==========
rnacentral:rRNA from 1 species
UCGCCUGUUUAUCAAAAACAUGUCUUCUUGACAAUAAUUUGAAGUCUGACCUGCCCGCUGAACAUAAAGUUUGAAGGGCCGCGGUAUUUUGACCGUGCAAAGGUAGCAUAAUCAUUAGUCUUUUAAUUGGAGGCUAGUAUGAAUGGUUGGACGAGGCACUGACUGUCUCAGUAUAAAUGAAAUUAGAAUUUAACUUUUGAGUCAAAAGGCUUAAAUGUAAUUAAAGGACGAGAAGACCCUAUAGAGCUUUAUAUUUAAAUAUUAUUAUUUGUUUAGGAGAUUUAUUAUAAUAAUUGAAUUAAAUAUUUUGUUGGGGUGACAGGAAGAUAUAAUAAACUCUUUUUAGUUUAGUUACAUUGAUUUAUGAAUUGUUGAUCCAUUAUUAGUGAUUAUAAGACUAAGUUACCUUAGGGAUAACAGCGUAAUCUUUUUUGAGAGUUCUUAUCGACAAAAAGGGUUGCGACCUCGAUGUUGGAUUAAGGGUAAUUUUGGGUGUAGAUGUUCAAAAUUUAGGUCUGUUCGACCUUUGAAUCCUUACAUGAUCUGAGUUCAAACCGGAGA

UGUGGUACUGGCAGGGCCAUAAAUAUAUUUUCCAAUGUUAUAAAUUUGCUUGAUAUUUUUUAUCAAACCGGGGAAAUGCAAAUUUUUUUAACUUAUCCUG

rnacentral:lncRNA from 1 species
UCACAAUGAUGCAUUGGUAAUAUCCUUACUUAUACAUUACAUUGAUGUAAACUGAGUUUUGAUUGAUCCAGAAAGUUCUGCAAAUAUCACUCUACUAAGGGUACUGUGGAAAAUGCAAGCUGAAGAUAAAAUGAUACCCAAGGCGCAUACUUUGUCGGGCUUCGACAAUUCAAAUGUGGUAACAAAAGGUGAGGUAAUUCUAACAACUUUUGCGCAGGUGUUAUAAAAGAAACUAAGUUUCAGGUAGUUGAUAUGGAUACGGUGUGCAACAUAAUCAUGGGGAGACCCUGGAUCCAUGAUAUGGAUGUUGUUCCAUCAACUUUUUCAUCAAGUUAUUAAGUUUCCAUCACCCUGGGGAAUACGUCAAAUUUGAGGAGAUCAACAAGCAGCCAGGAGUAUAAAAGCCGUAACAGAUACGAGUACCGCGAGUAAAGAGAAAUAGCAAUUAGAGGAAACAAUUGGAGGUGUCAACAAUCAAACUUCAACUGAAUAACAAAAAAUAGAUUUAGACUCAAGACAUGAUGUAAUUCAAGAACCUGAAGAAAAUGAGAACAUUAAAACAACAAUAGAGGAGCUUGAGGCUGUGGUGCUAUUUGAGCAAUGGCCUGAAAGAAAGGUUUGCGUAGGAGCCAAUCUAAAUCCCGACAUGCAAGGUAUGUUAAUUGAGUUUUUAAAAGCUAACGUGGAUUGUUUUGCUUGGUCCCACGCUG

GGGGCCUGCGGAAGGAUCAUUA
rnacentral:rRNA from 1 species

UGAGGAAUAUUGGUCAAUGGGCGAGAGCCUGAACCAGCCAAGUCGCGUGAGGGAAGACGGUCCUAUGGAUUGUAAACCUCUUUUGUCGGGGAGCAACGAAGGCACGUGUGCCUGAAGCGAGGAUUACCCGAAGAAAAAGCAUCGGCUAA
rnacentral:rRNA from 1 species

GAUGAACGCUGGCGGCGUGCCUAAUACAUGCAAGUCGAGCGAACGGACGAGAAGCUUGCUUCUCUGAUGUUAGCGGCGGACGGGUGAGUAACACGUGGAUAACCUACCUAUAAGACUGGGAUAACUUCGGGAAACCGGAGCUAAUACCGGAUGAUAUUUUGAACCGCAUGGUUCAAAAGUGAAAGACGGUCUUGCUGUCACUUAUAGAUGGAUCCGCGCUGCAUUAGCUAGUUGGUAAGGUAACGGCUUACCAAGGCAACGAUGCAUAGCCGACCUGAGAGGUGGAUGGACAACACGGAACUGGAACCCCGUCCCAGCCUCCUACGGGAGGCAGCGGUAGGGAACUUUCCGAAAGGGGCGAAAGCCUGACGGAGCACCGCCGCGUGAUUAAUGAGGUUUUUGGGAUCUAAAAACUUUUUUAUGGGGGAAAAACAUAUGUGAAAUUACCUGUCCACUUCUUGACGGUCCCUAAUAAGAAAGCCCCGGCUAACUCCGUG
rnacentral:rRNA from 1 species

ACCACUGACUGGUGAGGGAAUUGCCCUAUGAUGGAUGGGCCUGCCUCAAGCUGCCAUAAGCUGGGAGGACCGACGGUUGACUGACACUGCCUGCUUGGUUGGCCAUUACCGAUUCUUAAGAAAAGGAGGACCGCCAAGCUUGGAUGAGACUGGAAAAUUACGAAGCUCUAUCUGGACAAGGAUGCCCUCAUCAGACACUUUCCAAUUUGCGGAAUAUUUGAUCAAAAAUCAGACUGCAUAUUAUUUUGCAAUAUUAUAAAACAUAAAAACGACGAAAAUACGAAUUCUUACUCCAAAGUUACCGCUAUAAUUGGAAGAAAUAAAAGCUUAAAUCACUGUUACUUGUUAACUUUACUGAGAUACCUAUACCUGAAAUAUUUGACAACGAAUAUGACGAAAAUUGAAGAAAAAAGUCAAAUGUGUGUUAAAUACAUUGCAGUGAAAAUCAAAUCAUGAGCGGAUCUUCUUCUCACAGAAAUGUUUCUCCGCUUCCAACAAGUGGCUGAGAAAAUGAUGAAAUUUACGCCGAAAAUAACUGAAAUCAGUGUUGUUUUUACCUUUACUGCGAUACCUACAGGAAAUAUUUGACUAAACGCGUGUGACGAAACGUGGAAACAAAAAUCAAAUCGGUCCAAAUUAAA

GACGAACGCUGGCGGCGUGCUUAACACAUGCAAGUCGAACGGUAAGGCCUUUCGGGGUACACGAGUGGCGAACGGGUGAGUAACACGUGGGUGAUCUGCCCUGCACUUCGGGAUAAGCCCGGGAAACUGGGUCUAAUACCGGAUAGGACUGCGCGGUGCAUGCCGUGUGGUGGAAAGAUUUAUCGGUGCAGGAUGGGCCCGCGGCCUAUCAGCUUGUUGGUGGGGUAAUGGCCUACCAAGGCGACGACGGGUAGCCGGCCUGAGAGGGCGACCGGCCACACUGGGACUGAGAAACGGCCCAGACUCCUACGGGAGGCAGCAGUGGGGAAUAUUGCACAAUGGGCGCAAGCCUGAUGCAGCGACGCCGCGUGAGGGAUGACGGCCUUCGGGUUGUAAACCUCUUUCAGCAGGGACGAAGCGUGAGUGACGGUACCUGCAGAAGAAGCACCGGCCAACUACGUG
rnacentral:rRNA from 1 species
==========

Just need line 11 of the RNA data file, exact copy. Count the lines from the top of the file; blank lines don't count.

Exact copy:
rnacentral:rRNA from 1 species